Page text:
Incongruous Coterie: Unlikely D&D Characters, Part 1


I’ve always wanted to play a pacifist, but in a game like D&D, such a character would be quite challenging. However, I did come up with something that could have worked–a feral tiefling paladin. The character was very demonic looking–goat-like lower half, blood red skin, a humanoid torso but clawed hands, huge and curling ibex-like horns, and face looking like Darkness from legend. Essentially, this character would have the blood of Baphomet running through their veins.


The concept was, this tiefling was so clearly demonic it wasn’t merely shunned but chased out and hunted down whenever it came into contact with even the slightest bit of civilization. The twist was instead of becoming bitter, this tiefling developed the resolve to forgive and defend others from such persecution. Its deity would be similar to Eldath or the minor Greek god Eirene–calm, peace, non-violence, and restitution would be its values. In a way, it would be attempting to atone for the curse in its bloodline but would also be striving to set an example for others to inspire redemption of all kinds.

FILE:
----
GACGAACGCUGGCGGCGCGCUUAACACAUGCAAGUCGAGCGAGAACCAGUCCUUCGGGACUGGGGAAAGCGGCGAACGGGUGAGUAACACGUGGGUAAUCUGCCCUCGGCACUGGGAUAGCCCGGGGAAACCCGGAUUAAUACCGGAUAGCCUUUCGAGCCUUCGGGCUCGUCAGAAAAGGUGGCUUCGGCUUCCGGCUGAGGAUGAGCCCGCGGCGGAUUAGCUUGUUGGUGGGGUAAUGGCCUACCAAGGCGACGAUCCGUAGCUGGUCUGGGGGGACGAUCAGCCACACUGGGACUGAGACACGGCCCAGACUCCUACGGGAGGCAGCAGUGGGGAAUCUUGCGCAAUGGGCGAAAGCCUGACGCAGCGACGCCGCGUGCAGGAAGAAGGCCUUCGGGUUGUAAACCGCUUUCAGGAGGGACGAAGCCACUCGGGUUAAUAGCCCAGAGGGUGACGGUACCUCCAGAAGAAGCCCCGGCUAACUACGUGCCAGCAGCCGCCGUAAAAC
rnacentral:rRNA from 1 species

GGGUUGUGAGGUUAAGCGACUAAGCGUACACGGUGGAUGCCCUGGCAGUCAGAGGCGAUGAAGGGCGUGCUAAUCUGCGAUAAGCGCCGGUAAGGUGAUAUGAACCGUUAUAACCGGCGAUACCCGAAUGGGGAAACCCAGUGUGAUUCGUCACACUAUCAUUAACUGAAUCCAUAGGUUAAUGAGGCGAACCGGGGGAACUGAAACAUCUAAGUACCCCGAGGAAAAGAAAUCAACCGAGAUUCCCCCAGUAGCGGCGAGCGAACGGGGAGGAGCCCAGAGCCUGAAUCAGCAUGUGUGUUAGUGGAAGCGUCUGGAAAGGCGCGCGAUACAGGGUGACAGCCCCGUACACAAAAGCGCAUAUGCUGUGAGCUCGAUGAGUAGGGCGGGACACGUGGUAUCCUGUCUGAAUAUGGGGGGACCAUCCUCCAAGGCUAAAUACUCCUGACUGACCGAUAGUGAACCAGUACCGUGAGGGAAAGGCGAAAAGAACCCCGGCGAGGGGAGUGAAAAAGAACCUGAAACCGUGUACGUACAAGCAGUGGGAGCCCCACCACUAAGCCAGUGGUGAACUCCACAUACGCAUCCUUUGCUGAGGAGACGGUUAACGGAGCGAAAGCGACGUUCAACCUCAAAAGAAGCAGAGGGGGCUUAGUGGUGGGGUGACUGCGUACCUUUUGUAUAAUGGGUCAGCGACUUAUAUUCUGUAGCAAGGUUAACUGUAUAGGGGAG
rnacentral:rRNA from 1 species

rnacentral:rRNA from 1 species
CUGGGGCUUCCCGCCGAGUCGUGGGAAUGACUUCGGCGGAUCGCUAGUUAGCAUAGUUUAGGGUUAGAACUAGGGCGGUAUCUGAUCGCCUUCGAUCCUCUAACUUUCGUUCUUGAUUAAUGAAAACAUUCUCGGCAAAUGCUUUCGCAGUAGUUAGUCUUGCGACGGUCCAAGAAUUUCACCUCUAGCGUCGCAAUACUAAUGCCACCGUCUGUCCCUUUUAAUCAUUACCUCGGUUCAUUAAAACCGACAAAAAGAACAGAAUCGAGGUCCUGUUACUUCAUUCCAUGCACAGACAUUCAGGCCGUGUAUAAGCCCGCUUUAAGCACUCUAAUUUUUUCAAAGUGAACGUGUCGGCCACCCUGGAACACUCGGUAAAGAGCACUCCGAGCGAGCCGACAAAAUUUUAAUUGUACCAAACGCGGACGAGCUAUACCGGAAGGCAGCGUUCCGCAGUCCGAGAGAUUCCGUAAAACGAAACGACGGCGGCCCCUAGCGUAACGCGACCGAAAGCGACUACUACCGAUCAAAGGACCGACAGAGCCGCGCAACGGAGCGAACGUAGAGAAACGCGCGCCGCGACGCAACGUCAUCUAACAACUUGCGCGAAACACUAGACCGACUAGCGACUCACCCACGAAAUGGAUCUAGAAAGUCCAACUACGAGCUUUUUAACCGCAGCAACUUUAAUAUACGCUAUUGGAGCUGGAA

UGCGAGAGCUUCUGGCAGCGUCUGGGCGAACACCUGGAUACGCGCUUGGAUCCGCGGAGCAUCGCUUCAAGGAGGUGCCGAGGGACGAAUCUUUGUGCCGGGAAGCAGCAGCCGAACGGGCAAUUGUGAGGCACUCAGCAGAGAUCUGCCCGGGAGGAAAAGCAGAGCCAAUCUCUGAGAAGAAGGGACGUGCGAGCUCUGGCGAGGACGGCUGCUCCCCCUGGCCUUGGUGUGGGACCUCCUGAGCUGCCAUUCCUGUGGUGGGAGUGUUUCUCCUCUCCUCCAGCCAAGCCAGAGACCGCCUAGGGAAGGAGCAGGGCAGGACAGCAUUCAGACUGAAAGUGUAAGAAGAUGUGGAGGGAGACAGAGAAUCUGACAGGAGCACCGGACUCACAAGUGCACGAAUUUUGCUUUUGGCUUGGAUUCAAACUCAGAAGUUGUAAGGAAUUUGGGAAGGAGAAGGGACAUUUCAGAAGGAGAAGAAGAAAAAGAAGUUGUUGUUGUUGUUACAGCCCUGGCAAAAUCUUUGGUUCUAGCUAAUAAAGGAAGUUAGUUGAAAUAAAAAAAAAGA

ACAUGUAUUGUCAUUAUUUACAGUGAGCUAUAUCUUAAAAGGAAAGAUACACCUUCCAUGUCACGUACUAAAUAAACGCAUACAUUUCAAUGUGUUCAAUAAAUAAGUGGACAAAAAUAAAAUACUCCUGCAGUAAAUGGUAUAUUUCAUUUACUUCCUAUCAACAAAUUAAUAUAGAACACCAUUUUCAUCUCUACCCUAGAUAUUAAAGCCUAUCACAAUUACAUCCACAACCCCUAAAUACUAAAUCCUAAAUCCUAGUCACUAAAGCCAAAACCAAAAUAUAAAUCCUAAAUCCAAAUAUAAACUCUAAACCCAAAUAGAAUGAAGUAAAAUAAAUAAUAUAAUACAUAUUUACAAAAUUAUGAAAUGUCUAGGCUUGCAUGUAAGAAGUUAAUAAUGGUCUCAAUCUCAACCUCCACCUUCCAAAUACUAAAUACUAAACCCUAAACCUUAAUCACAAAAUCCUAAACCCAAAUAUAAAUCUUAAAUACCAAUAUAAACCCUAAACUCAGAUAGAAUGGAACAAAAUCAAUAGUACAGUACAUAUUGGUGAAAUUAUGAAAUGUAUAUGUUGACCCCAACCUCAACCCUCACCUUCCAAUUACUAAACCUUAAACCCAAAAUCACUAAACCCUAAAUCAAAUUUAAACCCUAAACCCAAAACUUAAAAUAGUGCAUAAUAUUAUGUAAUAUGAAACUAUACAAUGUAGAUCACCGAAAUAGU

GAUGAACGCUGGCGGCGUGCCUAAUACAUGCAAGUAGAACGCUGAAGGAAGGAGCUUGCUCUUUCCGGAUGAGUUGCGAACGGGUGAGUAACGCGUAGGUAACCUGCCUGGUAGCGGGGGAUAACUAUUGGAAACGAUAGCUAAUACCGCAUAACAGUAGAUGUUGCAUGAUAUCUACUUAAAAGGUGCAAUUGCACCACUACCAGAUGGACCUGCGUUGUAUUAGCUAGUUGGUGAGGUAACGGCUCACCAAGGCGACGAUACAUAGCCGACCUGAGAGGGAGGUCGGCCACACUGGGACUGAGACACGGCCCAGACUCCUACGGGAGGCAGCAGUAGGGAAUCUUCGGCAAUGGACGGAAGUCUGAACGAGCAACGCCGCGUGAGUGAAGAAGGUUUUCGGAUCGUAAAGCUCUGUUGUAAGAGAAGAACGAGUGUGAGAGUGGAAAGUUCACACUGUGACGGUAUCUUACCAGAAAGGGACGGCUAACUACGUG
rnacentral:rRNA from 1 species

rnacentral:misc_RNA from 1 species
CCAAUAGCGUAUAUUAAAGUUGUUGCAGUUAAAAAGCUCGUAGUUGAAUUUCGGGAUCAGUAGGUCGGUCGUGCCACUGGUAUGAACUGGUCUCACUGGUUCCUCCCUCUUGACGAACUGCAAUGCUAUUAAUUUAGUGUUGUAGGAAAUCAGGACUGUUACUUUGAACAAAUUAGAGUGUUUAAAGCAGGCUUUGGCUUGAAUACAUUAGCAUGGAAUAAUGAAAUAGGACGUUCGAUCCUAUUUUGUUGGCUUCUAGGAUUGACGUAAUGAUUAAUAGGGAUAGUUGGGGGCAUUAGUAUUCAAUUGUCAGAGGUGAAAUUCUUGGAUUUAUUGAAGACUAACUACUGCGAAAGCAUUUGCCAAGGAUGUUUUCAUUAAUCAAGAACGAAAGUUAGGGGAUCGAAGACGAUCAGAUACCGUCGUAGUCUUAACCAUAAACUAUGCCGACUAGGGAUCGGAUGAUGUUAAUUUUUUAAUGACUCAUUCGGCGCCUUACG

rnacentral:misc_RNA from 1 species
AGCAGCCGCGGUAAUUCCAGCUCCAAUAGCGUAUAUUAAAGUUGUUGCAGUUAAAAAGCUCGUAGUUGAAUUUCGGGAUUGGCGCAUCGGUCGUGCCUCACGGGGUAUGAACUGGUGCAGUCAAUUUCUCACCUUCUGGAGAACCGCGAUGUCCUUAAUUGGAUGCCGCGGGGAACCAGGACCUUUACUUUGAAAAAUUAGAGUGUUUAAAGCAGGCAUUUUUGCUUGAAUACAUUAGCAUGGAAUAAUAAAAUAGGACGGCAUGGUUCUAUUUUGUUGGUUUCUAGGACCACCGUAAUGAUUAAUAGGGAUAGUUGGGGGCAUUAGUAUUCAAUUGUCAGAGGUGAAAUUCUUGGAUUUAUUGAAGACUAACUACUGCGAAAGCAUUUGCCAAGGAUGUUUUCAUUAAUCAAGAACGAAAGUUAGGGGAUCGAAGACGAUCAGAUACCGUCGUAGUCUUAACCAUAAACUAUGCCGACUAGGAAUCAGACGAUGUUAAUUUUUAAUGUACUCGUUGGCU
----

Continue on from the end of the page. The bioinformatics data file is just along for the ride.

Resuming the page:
It would take the Oath of Redemption using its magic to compel those who sought violent means or committed violent acts to cease them. Spells like Sanctuary, Sleep, Command, or Shield of Faith would be its bread & butter. It wouldn’t carry any weapons. In fact, I would only give it a shield–specifically, a Repulsion Shield used to keep pushing attackers away. The idea being this feral tiefling paladin wouldn’t start a fight but would actively try to stop violence by being patient, rebuffing attacks, healing others, and attempting to show the futility of violence. 

You can see how this would be a challenge to play. But I think it could work, especially if approached as having the kind of temperament of Henry Rollins’ character in the movie He Never Died.


I’ve just joined a new game and decided against using this character. However, I think it’s not just a good concept but one I could play quite well. For now, it’ll sit quietly in my DnDBeyond queue waiting for its call-up.






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